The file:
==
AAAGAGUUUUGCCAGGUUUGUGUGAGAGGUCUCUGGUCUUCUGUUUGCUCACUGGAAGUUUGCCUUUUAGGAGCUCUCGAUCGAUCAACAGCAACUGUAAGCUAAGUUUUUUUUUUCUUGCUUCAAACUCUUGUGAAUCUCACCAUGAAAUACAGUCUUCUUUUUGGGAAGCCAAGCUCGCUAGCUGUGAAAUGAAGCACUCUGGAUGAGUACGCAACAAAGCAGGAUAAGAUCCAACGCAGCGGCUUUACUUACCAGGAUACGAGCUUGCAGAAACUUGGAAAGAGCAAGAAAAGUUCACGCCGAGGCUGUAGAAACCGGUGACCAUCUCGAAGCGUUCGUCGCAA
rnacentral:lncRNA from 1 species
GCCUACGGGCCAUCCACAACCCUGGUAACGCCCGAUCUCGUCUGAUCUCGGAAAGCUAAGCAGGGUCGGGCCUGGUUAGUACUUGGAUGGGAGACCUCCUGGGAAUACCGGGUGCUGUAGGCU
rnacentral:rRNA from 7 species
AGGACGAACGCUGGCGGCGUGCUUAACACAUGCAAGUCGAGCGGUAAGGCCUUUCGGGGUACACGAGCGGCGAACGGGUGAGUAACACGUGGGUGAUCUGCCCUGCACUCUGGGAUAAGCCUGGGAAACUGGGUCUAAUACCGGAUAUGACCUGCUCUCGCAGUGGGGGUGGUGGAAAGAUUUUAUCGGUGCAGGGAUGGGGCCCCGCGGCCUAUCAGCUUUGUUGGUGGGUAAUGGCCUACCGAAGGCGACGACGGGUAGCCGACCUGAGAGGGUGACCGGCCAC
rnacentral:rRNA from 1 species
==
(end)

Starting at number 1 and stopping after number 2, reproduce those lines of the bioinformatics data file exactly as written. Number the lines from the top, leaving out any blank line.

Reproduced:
AAAGAGUUUUGCCAGGUUUGUGUGAGAGGUCUCUGGUCUUCUGUUUGCUCACUGGAAGUUUGCCUUUUAGGAGCUCUCGAUCGAUCAACAGCAACUGUAAGCUAAGUUUUUUUUUUCUUGCUUCAAACUCUUGUGAAUCUCACCAUGAAAUACAGUCUUCUUUUUGGGAAGCCAAGCUCGCUAGCUGUGAAAUGAAGCACUCUGGAUGAGUACGCAACAAAGCAGGAUAAGAUCCAACGCAGCGGCUUUACUUACCAGGAUACGAGCUUGCAGAAACUUGGAAAGAGCAAGAAAAGUUCACGCCGAGGCUGUAGAAACCGGUGACCAUCUCGAAGCGUUCGUCGCAA
rnacentral:lncRNA from 1 species